Garcinia cowa - the cowa mangosteen

Garcinia cowa – the cowa mangosteen

Garcinia cowa is a cousin species of the mangosteen and also bears edible sour fruits. This plant native to Asia, India, Bangladesh, Myanmar, Malaysia, Vietnam, Laos, Cambodia, Southwest China. In Vietnam, G. cowa grows naturally in northern provinces: Lào Cai, Hà Giang, Cao Bằng, Bắc Kạn, Lạng Sơn, Thái Nguyên, Phú Thọ, Vĩnh Phúc, and Hoà Bình. The plan is known locally as tai chua. The plant is best known in Vietnam for its fruits are are used as a source of acidity in cooking.  In Vietnam, a similar Garcinia species, known as Garcinia pedunculata, is also used with the same purposes.

green cowa fruits
Green cowa fruits
  • Family: Clusiaceae
  • Genus: Garcinia
  • Species: G. cowa
  • Synonyms: Garcinia kydia Roxb., Garcinia lobulosa Wall., Garcinia roxburghii Wight, Garcinia umbellifera Roxb. ex Wall., Garcinia wallichii Choisy, Oxycarpus gangetica Buchanan-Hamilton, Stalagmitis cowa (Roxb.) G. Don.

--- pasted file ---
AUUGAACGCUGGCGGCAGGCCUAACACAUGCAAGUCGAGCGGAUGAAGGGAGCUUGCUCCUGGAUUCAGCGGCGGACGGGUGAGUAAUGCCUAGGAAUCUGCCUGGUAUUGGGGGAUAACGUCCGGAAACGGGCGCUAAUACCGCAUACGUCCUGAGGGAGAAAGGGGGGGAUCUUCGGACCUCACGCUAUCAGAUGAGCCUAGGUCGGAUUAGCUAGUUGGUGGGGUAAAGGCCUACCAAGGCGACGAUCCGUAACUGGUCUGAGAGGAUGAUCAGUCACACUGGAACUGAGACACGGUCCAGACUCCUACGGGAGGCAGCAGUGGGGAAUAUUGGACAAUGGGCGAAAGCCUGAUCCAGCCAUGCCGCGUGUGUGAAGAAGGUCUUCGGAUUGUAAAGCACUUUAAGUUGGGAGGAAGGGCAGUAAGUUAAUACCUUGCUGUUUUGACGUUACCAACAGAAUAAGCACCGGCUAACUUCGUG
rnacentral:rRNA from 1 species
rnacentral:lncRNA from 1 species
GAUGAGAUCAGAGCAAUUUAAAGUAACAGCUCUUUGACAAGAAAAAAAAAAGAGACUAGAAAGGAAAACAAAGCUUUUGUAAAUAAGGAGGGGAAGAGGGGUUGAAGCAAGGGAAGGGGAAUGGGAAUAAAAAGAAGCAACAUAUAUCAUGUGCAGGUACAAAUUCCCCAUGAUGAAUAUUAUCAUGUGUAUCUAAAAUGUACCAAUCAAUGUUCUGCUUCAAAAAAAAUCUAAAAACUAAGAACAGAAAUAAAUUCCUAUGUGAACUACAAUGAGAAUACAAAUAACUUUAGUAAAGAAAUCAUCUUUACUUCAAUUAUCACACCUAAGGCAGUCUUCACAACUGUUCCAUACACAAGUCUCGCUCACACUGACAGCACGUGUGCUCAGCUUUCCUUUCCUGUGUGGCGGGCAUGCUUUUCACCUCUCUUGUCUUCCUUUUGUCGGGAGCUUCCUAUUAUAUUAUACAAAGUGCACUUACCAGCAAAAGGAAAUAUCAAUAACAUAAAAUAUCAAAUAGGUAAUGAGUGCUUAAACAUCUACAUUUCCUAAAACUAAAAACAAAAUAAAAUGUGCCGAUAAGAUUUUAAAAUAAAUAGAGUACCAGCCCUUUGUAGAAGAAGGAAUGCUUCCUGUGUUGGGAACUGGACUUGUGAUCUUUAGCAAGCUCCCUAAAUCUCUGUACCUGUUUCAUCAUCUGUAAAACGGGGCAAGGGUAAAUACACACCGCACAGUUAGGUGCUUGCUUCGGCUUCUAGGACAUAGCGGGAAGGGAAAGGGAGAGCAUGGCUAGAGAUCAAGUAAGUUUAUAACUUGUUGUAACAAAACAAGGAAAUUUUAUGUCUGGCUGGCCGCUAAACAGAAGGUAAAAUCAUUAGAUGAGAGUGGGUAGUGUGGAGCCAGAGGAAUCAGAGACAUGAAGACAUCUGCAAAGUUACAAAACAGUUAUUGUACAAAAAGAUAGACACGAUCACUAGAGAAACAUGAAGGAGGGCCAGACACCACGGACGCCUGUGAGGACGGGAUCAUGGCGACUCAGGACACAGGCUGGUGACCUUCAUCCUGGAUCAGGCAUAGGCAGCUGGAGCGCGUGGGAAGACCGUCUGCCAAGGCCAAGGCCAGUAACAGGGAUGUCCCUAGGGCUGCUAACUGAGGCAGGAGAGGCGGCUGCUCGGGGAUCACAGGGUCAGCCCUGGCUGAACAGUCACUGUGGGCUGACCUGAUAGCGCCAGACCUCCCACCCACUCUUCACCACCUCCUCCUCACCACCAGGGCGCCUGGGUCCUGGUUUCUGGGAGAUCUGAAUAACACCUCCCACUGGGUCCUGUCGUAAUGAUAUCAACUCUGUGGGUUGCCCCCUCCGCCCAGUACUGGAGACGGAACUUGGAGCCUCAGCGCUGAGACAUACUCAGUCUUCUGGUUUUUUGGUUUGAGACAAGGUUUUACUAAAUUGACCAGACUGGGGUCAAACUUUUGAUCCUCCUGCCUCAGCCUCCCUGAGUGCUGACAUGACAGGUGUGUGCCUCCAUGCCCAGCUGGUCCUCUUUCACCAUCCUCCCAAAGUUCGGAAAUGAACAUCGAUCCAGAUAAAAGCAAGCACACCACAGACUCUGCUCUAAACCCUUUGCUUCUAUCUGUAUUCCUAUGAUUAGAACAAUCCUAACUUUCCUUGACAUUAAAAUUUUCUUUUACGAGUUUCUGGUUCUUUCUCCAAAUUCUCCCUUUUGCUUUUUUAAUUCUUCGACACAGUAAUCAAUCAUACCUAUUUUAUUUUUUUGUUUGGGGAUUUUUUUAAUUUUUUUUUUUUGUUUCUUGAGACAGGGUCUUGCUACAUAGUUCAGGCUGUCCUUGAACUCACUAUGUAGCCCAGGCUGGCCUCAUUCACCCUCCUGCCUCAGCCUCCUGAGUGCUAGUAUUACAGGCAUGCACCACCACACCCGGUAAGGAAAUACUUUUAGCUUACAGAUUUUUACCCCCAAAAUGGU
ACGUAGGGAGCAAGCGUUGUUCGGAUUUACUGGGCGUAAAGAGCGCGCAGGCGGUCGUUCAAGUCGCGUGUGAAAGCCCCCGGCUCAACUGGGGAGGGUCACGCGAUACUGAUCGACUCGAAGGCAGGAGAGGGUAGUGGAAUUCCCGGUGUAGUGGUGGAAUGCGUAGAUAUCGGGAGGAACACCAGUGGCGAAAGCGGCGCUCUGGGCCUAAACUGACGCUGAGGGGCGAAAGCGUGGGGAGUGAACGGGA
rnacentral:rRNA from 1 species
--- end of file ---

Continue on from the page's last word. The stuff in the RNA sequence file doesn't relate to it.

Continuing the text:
• English name: cowa mangosteen, cowa fruits
  • Vietnamese name: tai chua, bứa cọng
cowa mangosteen
Sliced green cowa mangosteens – Vietnamese: tai chua

Medicinal uses

In Vietnam, local people often cook dried cowa fruit rinds to cure fever and thirst. Daily dose 6-10g.

dried cowa mangosteen slices
Dried cowa mangosteen slices

Culinary uses

Cowa mangosteens can be used in many dishes, creating a special sour taste. Braised fish with cowa mangosteens has some unforgettable flavor. Also, cowa fruits can be paired with dill in fish soup (less sour), or cooked in sour soup (more sour).

Braised fish with cowa mangosteen
Braised fish with cowa mangosteen

Unlike tamarind which has a strong sour taste, the sour taste of tai chua is mild, and delicate. In northern Vietnam, it can be added to the boiled vegetable water as a refreshing broth in Vietnamese cuisine.

Boiled vegetable water with cowa mangosteen
Boiled vegetable (morning glory) water with cowa mangosteen


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